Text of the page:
All hope is not lost as we have examples of women who have managed to out manoeuvre the obstacles in mining. A case on point is that of Ms Sibo and Ms Sande of Penhalonga. Both are small scale miners who possess mining claims and have some equipment. They both have employees and are doing pretty well in this male dominated industry. In separate interviews, they chronicled how difficult it was to be renowned miners.
Moreover, we have to continue in educating and training women and youths on their rights and opportunities available for them to start projects as individuals and groups to alleviate poverty through borrowing money from established women empowerment banks, POSB and the Gold Development Initiative Fund of 2017. The reports show that less than 15 percent of women had accessed these loans, an indication that women are either unaware of this opportunity or incapacitated to do so as they depend on their male counterparts. Therefore, the need remains for men to be encouraged to be champions of women rights, equality and non – discrimination as they stand with their wives, mothers, and sisters in unlocking the riches of the country in mining. Mr Murapa, a Ministry of Mines and Minerals Development recently encouraged women and youth to tap into various opportunities presented in the mining industry. There is opportunity to be involved in being a pegger, owning a claim, being a buyer, owning a stump mill among other activities that can be done.
There is also need to extend awareness campaigns against sexual harrassment and exploitation, early, child or forced marriages as we engage schools in mining communities of Chiadzwa, Chimanimani, Penhalonga and Arda Transau. Moreover, as learnt from other Champions of Women’s rights we have to engage Men in our constituency in dialogue, teaching and talking on how to promote the rights of women, extending to chiefs as custodians of our culture to make deliberate move to abolish and rule against all practices that oppresses the woman and the youth.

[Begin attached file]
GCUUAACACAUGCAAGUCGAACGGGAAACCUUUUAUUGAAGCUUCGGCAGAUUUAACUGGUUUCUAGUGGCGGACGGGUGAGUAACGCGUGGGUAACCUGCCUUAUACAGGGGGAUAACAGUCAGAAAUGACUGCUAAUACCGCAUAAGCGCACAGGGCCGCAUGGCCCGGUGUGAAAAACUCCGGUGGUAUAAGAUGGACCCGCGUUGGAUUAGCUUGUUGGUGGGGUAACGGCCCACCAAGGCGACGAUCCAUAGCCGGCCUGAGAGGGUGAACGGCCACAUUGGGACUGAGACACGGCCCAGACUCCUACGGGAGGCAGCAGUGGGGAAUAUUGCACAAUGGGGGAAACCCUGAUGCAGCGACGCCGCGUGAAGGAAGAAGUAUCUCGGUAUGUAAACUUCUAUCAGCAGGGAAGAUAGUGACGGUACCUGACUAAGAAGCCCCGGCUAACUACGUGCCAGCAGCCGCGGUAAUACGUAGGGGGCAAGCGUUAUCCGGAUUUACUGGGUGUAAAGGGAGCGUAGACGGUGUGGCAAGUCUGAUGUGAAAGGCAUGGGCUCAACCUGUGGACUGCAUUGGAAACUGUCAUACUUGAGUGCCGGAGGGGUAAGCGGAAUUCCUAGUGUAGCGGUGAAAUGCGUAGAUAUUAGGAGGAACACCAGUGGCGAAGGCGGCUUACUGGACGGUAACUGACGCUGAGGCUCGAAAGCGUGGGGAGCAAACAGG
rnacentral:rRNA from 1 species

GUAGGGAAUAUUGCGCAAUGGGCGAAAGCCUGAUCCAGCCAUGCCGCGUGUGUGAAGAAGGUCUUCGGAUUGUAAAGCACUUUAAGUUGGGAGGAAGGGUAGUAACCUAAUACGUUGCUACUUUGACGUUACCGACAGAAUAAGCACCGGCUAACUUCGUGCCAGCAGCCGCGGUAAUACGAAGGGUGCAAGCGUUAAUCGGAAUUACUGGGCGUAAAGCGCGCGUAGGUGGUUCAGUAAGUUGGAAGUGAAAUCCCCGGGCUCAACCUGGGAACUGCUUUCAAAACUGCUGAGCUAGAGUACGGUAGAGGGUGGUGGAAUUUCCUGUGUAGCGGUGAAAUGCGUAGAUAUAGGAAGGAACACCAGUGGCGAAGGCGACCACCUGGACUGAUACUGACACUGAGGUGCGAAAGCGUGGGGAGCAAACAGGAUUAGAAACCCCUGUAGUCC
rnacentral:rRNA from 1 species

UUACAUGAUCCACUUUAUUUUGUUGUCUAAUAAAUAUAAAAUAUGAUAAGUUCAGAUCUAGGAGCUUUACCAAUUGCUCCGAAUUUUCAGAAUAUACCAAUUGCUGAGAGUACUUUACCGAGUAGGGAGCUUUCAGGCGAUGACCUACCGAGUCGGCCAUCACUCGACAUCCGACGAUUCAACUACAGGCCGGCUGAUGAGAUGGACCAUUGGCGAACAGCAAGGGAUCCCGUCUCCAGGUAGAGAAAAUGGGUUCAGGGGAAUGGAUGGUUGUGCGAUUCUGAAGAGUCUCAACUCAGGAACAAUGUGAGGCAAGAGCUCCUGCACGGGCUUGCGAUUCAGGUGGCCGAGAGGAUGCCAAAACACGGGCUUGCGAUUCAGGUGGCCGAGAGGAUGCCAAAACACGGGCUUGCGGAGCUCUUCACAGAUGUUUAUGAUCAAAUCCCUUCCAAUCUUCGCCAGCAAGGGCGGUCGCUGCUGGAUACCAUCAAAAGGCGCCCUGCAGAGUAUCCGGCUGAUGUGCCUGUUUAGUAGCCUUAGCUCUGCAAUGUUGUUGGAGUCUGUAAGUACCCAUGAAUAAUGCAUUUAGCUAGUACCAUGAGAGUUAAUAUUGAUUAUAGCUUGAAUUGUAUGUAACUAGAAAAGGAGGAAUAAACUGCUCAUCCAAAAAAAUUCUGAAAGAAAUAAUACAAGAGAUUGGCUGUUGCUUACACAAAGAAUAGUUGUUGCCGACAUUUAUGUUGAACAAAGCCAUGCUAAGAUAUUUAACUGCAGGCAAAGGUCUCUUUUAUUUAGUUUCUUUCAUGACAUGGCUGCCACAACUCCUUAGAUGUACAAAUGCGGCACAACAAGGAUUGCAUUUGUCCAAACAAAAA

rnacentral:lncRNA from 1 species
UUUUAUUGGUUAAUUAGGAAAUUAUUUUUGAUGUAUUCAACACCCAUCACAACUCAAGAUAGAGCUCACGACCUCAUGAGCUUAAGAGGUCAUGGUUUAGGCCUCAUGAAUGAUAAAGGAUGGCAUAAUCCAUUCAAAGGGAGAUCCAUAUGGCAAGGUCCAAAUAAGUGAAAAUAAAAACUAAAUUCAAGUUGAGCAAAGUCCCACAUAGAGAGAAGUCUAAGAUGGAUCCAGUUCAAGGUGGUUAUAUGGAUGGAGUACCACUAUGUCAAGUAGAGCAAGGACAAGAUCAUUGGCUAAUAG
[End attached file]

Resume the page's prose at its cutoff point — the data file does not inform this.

Mining Sector, reveals that although the mining sector remains a key driver to economic growth and transformation in SubSaharan Africa, rarely has it delivered benefits in reducing poverty and improving livelihoods for the majority of the population particularly women. Mining in Zimbabwe has been largely a men’s affair, but women are slowly making inroads in the sector against all odds. However, the issue of funding for women in mining has remained a challenge and the Ministry has to date funded 28 women mining projects across the country through the Women Development Fund. We recommend the government to improve funding of Women projects and also to relax on the conditions of security, as Professor Machakanja in her speech rightly says, women in most cases do not own any property hence, lack access to loans as they do not have security needed in securing such.
Furthermore, Zimbabwe is still governed by the 1961 Mines and Mineral Act, which was enacted during the colonial era and we call the government to ensure the new mining statutes are more gender responsive to give effect to the International Convention on Elimination of all forms of discrimination and Equality against women and provisions of the Constitution, more particularly section 56, equality and non – discrimination. There is need to bridge the gender gap in mining and women must indeed rise and shine along the mining value chain if they are to ever claim their position and enjoy the economic emancipation.